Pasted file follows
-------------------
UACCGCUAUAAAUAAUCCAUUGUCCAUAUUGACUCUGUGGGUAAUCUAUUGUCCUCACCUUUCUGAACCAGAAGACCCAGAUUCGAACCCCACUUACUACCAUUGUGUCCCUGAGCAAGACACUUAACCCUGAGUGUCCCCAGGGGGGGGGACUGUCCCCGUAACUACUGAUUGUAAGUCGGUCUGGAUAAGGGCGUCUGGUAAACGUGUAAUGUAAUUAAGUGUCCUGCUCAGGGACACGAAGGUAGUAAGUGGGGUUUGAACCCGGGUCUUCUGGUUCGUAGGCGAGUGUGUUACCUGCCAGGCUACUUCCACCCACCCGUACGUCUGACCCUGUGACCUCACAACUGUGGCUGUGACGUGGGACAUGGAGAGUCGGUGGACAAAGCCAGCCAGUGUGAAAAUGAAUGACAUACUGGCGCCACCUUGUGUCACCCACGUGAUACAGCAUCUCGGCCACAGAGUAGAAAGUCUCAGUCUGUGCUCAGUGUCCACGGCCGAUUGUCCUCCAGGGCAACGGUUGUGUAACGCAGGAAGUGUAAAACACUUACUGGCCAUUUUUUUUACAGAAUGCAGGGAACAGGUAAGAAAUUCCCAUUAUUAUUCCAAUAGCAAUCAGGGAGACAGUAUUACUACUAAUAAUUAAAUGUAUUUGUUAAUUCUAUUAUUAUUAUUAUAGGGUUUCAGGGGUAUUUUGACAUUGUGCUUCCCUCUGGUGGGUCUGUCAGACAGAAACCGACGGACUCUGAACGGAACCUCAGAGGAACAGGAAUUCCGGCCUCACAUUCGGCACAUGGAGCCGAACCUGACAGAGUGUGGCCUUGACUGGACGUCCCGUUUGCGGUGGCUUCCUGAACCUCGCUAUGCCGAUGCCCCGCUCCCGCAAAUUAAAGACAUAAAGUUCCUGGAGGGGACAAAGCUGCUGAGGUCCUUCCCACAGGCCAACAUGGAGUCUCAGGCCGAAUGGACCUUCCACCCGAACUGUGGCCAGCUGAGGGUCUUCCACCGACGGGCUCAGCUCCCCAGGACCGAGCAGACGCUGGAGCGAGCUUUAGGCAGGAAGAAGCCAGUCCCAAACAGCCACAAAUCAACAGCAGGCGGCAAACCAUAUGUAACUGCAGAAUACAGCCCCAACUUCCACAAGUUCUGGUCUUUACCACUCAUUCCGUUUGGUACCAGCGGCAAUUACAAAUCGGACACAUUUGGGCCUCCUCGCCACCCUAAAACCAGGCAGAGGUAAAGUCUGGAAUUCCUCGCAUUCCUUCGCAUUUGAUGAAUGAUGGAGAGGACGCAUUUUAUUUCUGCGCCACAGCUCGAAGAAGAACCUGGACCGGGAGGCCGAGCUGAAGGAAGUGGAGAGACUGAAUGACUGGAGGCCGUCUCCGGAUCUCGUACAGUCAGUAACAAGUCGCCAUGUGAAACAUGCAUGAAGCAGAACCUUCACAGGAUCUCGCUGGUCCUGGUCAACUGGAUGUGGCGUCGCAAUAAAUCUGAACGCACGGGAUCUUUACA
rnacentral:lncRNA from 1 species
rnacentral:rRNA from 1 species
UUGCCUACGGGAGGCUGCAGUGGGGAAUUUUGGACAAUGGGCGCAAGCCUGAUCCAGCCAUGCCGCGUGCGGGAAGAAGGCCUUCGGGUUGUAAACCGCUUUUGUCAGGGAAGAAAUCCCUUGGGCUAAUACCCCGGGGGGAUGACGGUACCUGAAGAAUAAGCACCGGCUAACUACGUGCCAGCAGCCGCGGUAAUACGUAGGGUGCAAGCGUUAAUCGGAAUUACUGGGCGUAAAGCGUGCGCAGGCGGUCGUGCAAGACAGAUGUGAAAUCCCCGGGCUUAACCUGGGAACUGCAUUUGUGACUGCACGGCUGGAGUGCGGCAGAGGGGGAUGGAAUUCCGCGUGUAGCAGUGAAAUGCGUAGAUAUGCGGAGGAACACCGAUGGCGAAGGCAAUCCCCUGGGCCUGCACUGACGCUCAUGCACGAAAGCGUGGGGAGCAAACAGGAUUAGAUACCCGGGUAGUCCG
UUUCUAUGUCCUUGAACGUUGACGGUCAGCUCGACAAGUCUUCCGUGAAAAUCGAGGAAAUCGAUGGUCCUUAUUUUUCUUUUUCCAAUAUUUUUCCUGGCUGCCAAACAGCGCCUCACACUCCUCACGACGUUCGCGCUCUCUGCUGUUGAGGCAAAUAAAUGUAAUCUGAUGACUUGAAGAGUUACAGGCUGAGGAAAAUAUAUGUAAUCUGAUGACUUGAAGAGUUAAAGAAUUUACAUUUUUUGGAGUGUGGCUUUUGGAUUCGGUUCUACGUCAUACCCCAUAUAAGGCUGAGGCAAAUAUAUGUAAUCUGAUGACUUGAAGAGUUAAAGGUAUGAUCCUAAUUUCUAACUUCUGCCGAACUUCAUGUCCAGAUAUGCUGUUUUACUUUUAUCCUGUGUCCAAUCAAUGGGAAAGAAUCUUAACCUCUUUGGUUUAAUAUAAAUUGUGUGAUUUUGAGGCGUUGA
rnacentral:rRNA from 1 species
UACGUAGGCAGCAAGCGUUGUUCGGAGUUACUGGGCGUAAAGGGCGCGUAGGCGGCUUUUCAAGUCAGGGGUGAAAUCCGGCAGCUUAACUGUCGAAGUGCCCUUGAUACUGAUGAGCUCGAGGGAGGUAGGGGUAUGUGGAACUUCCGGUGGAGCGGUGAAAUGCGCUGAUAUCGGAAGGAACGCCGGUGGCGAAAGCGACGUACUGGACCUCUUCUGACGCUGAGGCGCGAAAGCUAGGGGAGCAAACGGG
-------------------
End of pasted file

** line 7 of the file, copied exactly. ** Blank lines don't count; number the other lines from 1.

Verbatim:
UACGUAGGCAGCAAGCGUUGUUCGGAGUUACUGGGCGUAAAGGGCGCGUAGGCGGCUUUUCAAGUCAGGGGUGAAAUCCGGCAGCUUAACUGUCGAAGUGCCCUUGAUACUGAUGAGCUCGAGGGAGGUAGGGGUAUGUGGAACUUCCGGUGGAGCGGUGAAAUGCGCUGAUAUCGGAAGGAACGCCGGUGGCGAAAGCGACGUACUGGACCUCUUCUGACGCUGAGGCGCGAAAGCUAGGGGAGCAAACGGG